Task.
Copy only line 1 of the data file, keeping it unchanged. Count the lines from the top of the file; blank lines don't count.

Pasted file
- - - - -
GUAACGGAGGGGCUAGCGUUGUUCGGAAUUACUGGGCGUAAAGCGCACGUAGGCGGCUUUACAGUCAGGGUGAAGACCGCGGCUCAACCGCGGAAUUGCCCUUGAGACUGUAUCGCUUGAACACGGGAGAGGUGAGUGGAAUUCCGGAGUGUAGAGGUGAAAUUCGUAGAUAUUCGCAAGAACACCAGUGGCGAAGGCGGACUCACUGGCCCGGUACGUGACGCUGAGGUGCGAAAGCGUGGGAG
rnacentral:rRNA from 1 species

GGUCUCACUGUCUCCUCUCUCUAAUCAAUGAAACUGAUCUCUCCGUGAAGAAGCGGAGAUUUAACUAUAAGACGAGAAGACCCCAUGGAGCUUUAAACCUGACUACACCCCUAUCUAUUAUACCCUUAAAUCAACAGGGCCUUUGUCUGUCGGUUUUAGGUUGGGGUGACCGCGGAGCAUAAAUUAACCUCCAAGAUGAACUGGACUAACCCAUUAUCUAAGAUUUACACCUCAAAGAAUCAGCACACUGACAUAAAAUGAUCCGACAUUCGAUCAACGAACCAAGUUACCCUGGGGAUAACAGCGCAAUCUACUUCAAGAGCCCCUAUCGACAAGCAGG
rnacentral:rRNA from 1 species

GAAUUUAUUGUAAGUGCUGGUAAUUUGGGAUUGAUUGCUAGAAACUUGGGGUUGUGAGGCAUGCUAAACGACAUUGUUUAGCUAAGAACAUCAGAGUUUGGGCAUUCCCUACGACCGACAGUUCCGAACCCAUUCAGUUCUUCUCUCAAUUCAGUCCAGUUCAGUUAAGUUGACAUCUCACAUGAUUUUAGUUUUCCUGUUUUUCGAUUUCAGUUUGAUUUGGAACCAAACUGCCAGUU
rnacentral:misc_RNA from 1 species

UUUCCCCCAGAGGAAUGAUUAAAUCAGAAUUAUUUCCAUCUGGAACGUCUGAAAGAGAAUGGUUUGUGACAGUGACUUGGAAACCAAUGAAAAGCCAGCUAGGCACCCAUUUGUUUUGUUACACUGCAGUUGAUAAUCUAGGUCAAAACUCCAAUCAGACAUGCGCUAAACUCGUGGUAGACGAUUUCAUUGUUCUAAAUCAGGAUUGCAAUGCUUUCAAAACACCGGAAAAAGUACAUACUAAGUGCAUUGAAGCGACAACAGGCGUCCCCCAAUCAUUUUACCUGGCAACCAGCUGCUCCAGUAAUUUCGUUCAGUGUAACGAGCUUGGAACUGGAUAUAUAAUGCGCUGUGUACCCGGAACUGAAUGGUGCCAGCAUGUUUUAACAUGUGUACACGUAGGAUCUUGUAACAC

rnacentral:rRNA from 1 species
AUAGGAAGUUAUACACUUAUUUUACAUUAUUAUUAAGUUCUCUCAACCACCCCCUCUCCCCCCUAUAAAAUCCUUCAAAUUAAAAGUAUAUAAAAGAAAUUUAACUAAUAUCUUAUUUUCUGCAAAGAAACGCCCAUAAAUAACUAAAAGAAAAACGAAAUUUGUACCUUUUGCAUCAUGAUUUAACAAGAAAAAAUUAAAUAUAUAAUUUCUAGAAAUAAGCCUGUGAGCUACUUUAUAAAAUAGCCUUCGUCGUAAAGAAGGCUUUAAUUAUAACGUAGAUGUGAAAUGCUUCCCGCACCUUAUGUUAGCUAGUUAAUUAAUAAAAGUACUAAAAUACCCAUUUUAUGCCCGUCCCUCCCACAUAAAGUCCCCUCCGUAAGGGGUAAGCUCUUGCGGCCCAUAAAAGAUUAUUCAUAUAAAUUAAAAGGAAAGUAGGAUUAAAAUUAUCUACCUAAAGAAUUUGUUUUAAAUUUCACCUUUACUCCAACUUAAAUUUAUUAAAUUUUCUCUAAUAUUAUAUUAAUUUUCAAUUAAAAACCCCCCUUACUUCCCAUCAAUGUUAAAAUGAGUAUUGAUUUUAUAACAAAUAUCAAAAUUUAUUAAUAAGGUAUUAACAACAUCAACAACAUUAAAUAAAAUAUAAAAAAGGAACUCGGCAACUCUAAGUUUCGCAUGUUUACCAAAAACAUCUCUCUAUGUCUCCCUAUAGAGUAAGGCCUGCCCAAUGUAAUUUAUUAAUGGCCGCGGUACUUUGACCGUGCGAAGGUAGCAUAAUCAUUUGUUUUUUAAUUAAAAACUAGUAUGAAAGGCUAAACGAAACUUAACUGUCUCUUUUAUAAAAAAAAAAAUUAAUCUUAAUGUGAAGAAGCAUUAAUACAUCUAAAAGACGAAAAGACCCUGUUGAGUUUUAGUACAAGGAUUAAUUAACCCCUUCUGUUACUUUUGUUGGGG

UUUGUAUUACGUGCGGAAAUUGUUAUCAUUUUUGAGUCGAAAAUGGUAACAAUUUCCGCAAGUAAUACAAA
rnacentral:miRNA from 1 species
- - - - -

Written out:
GUAACGGAGGGGCUAGCGUUGUUCGGAAUUACUGGGCGUAAAGCGCACGUAGGCGGCUUUACAGUCAGGGUGAAGACCGCGGCUCAACCGCGGAAUUGCCCUUGAGACUGUAUCGCUUGAACACGGGAGAGGUGAGUGGAAUUCCGGAGUGUAGAGGUGAAAUUCGUAGAUAUUCGCAAGAACACCAGUGGCGAAGGCGGACUCACUGGCCCGGUACGUGACGCUGAGGUGCGAAAGCGUGGGAG